Earlier this month Judge Wynne S. Carvill in Alameda Superior Court found in favor of eight District attorneys from eight different California counties who sued Overstock.com for its fraudulent pricing practices. The judge slapped the online retail giant with a $6.819 million civil penalty and issued an injunction to prevent Overstock from continuing its deceptive advertising practices.
Overstock had bet that it would be able to escape with much less civil liability, it had refused an offer from the District attorneys to pay a $7.5 million settlement in March 2010. Overstock is expected to appeal the ruling.
According to the company, in a statement it released to the SEC it only has an additional $1.2 million in assets set aside to cover its litigation risks, including the California litigation and an issue with the Ohio Tax Commissioner.
The lawsuit was first filed in November 17, 2010 alleging that Overstock had claimed to consumers that it had the lowest prices available online for products, when in fact it charged significantly higher prices than other merchants for the same product. The complaint alleged that Overstock has been routinely making these misleading comparative advertising claims for years, since 2006 or earlier. Amongst other practices, Overstock regularly state its competitors charge prices that the District Attorneys say are completely fabricated. An example that the complaint recites is a patio set Overstock sold for $449.00, it claimed that the list price was $999.99. However, when the patio set was delivered it to the consumer it had a Walmart sticker stating that the price was $247.00.
The District Attorneys claimed that these practices violated the False Advertising Law (FAL) and Unfair Competition Law (UCL).
Overstock disagreed, arguing that the price comparison feature was so over used in retail shopping that consumers have become desensitized to it and understand that it really just means that the comparison is to an alternative brand rather than an identical product. It also countered that when the identical items were discovered to be sold at significantly lower prices by competitors, it is because the market value of the items declined, while overstock prices remained steady. Finally, Overstock claimed that the errors were harmless because consumers received the lowest prices online.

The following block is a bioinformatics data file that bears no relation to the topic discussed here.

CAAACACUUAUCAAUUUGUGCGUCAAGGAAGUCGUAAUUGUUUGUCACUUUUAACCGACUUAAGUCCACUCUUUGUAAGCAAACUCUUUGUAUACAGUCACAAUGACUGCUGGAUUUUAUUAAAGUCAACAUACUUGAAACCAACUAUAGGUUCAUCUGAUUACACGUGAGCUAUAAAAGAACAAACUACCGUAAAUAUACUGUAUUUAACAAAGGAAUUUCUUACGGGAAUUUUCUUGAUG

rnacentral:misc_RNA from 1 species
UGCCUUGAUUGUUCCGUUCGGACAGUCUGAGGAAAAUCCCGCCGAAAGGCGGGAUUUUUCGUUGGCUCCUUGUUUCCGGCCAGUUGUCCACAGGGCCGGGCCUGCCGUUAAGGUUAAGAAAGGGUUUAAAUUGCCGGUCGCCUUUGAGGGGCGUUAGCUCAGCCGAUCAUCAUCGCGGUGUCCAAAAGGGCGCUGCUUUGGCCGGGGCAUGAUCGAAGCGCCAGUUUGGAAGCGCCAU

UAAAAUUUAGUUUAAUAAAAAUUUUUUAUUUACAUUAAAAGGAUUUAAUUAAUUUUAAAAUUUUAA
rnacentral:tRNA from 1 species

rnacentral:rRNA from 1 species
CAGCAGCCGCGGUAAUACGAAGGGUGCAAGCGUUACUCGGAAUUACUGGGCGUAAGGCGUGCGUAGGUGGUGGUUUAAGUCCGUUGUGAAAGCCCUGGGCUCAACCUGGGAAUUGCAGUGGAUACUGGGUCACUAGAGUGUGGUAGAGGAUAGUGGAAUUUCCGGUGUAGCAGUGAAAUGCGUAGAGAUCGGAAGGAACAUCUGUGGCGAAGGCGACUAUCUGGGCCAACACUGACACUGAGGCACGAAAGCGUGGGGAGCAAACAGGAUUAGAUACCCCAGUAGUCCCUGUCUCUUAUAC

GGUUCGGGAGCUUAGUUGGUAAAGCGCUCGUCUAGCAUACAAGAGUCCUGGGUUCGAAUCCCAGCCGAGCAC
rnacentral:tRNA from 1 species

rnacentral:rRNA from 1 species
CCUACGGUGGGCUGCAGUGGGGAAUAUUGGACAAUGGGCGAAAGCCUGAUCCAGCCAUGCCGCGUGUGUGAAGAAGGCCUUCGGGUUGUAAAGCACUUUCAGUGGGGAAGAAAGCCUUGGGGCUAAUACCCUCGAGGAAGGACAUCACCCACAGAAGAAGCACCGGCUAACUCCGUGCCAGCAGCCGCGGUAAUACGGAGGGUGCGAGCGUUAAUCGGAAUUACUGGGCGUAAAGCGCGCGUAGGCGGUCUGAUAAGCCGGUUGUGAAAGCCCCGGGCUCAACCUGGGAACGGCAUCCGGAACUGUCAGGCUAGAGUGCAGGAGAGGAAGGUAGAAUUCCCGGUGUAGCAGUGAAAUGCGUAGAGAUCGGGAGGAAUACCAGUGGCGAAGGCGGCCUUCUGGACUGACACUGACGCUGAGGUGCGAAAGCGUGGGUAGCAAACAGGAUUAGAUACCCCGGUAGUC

But the judge found the evidence weighed against Overstock. One piece of evidence that the judge found particularly persuasive was an internal email where an employee stated that overstock routinely overstated the savings it found. The court declared that Overstock’s amount you save feature was a misleading statement, which was not based in any actual list price, but based by a formula. The ruling bans Overstock from using its price comparison advertised prices unless it provides a screen shot of the product and price it is offering a discount on.
The judge also ruled that harm did not need to be proven in order for the state to make a case for deceptive or misleading advertising. Ultimately, the judge ruled that even if Overstock did have the lowest prices on the internet, it was only by 5% or so, at a time when Overstock claimed that its prices were 40 to 60% lower than that of competitors.
Business Litigation and Consulting